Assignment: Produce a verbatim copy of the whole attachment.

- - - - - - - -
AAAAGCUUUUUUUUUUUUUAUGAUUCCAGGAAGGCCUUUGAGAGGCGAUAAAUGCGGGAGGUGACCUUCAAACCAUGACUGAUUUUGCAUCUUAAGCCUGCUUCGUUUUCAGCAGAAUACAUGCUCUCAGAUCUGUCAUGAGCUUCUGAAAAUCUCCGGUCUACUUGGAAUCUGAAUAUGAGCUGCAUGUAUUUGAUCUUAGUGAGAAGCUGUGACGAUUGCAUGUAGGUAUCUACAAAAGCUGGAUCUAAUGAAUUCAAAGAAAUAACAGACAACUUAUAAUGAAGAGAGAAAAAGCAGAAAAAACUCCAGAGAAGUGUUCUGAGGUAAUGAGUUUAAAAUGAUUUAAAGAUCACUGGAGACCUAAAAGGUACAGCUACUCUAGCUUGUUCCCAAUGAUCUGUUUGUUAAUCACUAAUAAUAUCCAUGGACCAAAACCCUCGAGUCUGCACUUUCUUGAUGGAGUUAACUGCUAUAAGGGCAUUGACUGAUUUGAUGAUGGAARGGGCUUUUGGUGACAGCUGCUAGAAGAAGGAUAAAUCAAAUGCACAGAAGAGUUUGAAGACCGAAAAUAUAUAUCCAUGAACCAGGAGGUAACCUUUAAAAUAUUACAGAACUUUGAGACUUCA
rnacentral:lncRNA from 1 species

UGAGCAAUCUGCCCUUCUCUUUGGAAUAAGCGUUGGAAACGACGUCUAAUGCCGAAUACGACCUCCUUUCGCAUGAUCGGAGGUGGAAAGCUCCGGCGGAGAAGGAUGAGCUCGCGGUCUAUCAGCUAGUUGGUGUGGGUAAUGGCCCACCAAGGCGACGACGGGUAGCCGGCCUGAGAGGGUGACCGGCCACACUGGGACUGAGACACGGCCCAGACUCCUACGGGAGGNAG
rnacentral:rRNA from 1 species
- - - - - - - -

AAAAGCUUUUUUUUUUUUUAUGAUUCCAGGAAGGCCUUUGAGAGGCGAUAAAUGCGGGAGGUGACCUUCAAACCAUGACUGAUUUUGCAUCUUAAGCCUGCUUCGUUUUCAGCAGAAUACAUGCUCUCAGAUCUGUCAUGAGCUUCUGAAAAUCUCCGGUCUACUUGGAAUCUGAAUAUGAGCUGCAUGUAUUUGAUCUUAGUGAGAAGCUGUGACGAUUGCAUGUAGGUAUCUACAAAAGCUGGAUCUAAUGAAUUCAAAGAAAUAACAGACAACUUAUAAUGAAGAGAGAAAAAGCAGAAAAAACUCCAGAGAAGUGUUCUGAGGUAAUGAGUUUAAAAUGAUUUAAAGAUCACUGGAGACCUAAAAGGUACAGCUACUCUAGCUUGUUCCCAAUGAUCUGUUUGUUAAUCACUAAUAAUAUCCAUGGACCAAAACCCUCGAGUCUGCACUUUCUUGAUGGAGUUAACUGCUAUAAGGGCAUUGACUGAUUUGAUGAUGGAARGGGCUUUUGGUGACAGCUGCUAGAAGAAGGAUAAAUCAAAUGCACAGAAGAGUUUGAAGACCGAAAAUAUAUAUCCAUGAACCAGGAGGUAACCUUUAAAAUAUUACAGAACUUUGAGACUUCA
rnacentral:lncRNA from 1 species

UGAGCAAUCUGCCCUUCUCUUUGGAAUAAGCGUUGGAAACGACGUCUAAUGCCGAAUACGACCUCCUUUCGCAUGAUCGGAGGUGGAAAGCUCCGGCGGAGAAGGAUGAGCUCGCGGUCUAUCAGCUAGUUGGUGUGGGUAAUGGCCCACCAAGGCGACGACGGGUAGCCGGCCUGAGAGGGUGACCGGCCACACUGGGACUGAGACACGGCCCAGACUCCUACGGGAGGNAG
rnacentral:rRNA from 1 species